by Jeannette Toussounian (Artist and Freelance Journalist) and
Laura McKendy (PhD Candidate, Sociology, Carleton University)
Between April and September of 2015, solitary confinement was used “officially” 555 times at the Ottawa-Carleton Detention Centre (OCDC).
Solitary confinement, also called the ‘the hole’, serves as an added form of punishment within an already extreme punishment venue. Prisoners at OCDC live daily with the threat of being thrown into segregation, often for reasons beyond their control, such as medical conditions, mental health issues, or because they have been harmed by other prisoners. Sometimes the reasons could be as simple as being at the wrong place at the wrong time.
This punishment involves total sensory deprivation, sometimes for months at a time, in tiny closet-like cells. In an old and decrepit building, it can feel like living in an ancient torture dungeon.
For good reasons, this practice has been condemned internationally by the United Nations, as well as Canada’s former correctional investigator, Howard Sapers. Particularly for those with mental health issues, we know the effects of solitary confinement can be profound and long-lasting, sometimes resulting in death. Yet, at a horrifying rate, solitary confinement is not being reserved for extreme cases, but has become a standardized means of housing prisoners.
But enough with abstract arguments – heres a first-hand account of a former prisoner’s experience of isolation at OCDC and the Vanier Correctional Centre for Women:
At first, solitary confinement can actually be a break from the forced socialisation and chaotic conditions in general population, especially for those at the bottom of the social chain who face bullying. For those on top of the chain, being thrown in the hole can actually mean greater status. Despite this immediate sense of recourse, however after mere days, the effects of being locked in start solitary to take place.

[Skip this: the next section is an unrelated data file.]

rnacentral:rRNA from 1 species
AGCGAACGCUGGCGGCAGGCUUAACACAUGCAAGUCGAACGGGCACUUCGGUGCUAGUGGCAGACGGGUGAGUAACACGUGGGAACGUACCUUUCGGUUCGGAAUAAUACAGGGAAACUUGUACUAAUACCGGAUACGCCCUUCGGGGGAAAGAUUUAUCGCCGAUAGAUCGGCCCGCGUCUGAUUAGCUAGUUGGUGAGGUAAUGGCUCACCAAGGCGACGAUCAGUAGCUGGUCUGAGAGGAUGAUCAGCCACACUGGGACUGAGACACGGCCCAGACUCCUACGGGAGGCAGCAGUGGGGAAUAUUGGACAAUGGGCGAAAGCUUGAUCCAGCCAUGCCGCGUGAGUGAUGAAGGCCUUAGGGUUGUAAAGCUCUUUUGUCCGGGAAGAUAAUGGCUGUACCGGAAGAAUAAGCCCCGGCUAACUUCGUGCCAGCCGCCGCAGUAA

I remember the loneliness, the mean guards, listening to other inmates endlessly scream and bang on their doors like they were possessed, but knowing it’s because they were there much longer, and that would soon be my fate.
In solitary, you are technically allowed out one hour per day - but anyone who has ever been isolated at OCDC knows this rarely happens. Most days, there was no opportunity to shower or go out for fresh air in the yard, meaning people are in cells for days on end, with no break.
Rarely is a solitary cell cleaned between prisoners, meaning you might find yourself in a cell often covered with blood, urine or feces from those housed there before you. Considering the high infection rate of inmates with Hepatitis C and HIV and a variety of other infections, the health risks are terrifying. And good luck trying to get cleaning supplies from the guards – they are punishers, not caretakers.
Depending on how badly the jail has it in for you, you might be on something called “Loss Of All Privileges”, a.k.a. LOAP. This means you are denied everything, including your “mattress” (a thin, hard mat) for the entire day. You have to sit or lie down on a cold metal or concrete floor all day, quickly causing many physical issues such as back pain and joint issues. And good luck trying to get toilet paper.
This is physical torture.
If you thought being on a regular range was bad, once released from solitary, you are now thankful for being back on range, like an abused wife seeking comfort from her husband who just beat her.